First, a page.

Reluctant Habits

A Proud Crank

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To the foolish fop who dared to defend my honor at Maud’s, let it be known that I am a proud crank, a consummate dunce, and run such a fever that neither a team of doctors nor infinite cases of quinine can stop me from babbling like a raving loon. There’s no honor denying these silly misinterpretations. I get enough of the jejune (nod to Birnbaum) PC shit when I visit Berkeley. So please: I urge all able Reluctant readers to flurry epithets posthaste! Back to my temporary Bastille.

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Why Walter Kirn Should Take a Vacation

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Exhibit: Kirn’s review of David Foster Wallace’s Oblivion. Number of words in review: 1,399. Number of words quoted from book in review: 186 Percentage of quoted excerpts as part of review: 13% Approximate fair use percentage under dispute in the infamous Gerald Ford/Nation dust-up: 13.3% Number of times “anxious” or “anxiety” is mentioned: 2. Number of parenthetical asides: 6 Number of onerous Tom Swify adverbs (not counting quotes): 17 Number of prefix-laden non-words: 7 (“maladapts,” “decontextualized,” “hyperfocused,” “microtextures,” “superbrain,””hyperarticulate,” “overstimulated”) The Pain Reliver Commercial Homage Award: “Data-dazed. Cybernetic. Overstimulated.” Back…read more

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Hiatus

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Due to life circumstances, we’re pretty much done here until the 4th. We’re also still behind on our email. So apologies to all on that score. We’ll get back to all of you when the DSL kicks in at the new place. (In fact, we’ve already started on the replies.) In the meantime, check out this latest John Barth interview and feel free to visit some of the fine folks on the left. [UPDATE: And before I poof away completely for a week or so, I’d be remiss if I…read more

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You Didn’t Hear It From Me…

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…but Maud’s story is up at Swink.

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Just Tell Them You’re Kilgore Trout, Assuming the Fuzz Has a Sense of Humor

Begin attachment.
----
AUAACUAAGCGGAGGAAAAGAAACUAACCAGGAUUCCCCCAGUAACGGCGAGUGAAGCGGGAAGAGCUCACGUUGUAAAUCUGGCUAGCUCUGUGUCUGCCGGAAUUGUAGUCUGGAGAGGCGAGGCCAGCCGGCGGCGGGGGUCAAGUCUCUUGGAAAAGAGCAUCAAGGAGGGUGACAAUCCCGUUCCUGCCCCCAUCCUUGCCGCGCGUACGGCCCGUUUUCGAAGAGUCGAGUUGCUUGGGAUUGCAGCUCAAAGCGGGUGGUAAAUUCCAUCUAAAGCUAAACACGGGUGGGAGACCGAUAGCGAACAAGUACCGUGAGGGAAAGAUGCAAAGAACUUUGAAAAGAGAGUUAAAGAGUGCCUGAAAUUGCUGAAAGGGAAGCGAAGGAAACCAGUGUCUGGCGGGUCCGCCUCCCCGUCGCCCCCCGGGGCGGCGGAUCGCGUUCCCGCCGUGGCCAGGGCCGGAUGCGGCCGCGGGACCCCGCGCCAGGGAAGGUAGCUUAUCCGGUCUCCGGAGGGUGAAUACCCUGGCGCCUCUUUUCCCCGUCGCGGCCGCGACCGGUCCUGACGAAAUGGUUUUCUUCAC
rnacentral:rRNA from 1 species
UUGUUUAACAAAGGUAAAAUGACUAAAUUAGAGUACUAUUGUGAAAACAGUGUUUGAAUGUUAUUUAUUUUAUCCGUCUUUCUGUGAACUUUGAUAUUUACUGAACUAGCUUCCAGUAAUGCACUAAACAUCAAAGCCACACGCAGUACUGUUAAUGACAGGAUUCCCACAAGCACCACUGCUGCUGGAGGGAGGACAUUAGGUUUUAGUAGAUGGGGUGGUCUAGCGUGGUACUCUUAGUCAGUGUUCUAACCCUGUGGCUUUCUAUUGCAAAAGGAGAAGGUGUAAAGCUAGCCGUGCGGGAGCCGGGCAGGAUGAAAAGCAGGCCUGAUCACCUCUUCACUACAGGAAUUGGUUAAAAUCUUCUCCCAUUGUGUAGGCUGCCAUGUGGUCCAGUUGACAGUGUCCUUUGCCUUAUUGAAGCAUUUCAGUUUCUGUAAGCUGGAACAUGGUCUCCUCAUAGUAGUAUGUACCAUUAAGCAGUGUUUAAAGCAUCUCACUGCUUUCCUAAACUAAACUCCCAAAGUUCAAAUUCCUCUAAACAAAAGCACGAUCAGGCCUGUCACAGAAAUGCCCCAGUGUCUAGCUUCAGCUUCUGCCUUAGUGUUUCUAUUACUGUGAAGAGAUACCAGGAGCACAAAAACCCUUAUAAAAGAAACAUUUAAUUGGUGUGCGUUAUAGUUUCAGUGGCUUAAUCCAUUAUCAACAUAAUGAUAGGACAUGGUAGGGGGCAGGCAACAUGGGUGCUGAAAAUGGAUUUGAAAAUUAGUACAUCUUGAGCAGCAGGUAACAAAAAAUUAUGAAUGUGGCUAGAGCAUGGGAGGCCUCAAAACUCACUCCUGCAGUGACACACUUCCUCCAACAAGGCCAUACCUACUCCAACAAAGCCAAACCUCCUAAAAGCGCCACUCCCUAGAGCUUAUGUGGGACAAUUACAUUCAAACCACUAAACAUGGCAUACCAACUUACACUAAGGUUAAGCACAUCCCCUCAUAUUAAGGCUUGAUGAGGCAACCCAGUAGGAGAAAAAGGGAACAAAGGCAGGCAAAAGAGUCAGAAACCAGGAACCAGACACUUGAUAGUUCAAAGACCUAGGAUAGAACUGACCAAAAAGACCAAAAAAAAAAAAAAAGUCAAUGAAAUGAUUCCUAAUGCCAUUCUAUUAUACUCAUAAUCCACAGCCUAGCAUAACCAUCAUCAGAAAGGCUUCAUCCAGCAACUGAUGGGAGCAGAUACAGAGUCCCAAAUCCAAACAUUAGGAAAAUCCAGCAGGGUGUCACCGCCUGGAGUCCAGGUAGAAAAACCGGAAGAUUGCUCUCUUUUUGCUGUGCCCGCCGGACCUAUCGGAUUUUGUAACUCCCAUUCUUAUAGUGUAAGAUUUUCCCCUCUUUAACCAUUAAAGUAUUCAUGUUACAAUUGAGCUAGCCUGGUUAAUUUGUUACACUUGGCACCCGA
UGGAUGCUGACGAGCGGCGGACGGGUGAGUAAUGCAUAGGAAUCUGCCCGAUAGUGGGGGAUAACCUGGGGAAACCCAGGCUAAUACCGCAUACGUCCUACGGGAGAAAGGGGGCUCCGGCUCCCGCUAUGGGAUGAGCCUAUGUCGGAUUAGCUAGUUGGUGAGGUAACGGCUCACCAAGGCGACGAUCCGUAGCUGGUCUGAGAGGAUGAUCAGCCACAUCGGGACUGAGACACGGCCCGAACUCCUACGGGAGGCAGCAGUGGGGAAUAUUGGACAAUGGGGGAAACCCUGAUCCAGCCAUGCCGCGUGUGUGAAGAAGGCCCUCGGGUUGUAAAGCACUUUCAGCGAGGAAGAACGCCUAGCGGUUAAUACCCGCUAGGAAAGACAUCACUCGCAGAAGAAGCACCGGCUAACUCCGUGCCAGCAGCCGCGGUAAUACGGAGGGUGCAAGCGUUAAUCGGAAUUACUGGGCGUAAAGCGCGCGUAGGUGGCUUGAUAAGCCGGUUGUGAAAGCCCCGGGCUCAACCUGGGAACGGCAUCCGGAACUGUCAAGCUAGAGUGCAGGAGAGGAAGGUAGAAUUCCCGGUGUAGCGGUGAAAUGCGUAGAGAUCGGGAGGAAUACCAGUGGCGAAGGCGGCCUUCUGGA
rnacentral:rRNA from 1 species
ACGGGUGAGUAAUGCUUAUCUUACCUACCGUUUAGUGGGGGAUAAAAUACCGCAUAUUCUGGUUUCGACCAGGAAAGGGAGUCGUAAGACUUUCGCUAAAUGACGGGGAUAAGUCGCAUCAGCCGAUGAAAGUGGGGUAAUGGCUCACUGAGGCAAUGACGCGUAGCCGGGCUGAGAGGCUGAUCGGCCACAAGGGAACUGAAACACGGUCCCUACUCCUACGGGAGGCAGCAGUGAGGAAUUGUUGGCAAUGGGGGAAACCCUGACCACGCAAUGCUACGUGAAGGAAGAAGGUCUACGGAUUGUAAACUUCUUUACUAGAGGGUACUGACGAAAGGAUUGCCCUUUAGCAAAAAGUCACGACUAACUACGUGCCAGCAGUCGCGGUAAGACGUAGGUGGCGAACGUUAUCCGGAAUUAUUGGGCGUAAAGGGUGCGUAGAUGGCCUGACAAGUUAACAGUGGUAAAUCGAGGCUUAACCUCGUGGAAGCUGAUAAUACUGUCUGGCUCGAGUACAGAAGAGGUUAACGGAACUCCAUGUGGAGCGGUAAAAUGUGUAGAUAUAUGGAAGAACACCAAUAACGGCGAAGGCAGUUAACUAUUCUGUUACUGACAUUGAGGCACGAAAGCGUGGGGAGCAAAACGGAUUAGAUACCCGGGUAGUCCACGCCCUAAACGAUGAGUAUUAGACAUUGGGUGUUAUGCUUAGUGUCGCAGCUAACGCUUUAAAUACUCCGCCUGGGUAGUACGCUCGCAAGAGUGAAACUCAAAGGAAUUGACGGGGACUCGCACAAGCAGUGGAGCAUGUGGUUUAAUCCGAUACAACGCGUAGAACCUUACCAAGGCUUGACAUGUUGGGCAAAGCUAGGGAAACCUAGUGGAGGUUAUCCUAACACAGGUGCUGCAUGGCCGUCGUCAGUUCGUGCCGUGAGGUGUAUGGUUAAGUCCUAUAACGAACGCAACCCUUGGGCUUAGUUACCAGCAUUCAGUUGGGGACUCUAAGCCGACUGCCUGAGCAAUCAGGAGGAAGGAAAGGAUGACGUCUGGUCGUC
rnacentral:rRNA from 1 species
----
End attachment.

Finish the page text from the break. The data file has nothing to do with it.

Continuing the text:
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Wired: “The Supreme Court ruled Monday that people do not have a constitutional right to refuse to tell police their names. The 5-4 decision frees the government to arrest and punish people who won’t cooperate by revealing their identity.”

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We Are Them

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The Guardian: “Detainees held in Afghanistan by American troops have been routinely tortured and humiliated as part of the interrogation process, in the same way as those in Iraq, a Guardian investigation has found. Five detainees have died in custody, three of them in suspicious circumstances, and survivors have told stories of beatings, strippings, hoodings and sleep deprivation.”

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My Culture: High and Low

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In light of moving and all, I wasn’t able to attend the California Book Awards. But now I’m regretting it. Jeff points out that the awards ceremony turned nasty: “His view is that art is elitist. He’s wrong.” At this, one San Francisco author stormed out, causing a slight breeze. (Word spread quickly that she is a friend of King’s, and they are both members of the all-author rock band, the Rock-Bottom Remainders.)

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Wenclas Responds, Reluctant Rebuts

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King Wenclas has responded to the criticisms hurled his way. He writes (in the first of two comments): Well, I’m going to defend my organization and myself. It’s called free expression. There is nothing wrong with debate. It’s healthy for literature. Before the ULA arrived on the scene there was too little of it. The truth is that literature is marginalized in this culture, because for much of its recent history it’s been the property of stuffy professors genteely drinking tea in faculty rooms. (The tea to keep the enervated…read more

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We’re Not In This for the Money or Anything

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In a bid to avoid the real purpose of this blog, we decided to catch the wave and try harder to cater to our readers. While we decided what it was you wanted, figuring out what good things to bring into your mailbox and calculating what you might be interested in buying, we felt sort of hollow giving into this commercial impulse. Therefore, we leave others to maintain the subterfuge.

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Sadly, Terri Schiavo Won’t Be Able to Join the Fun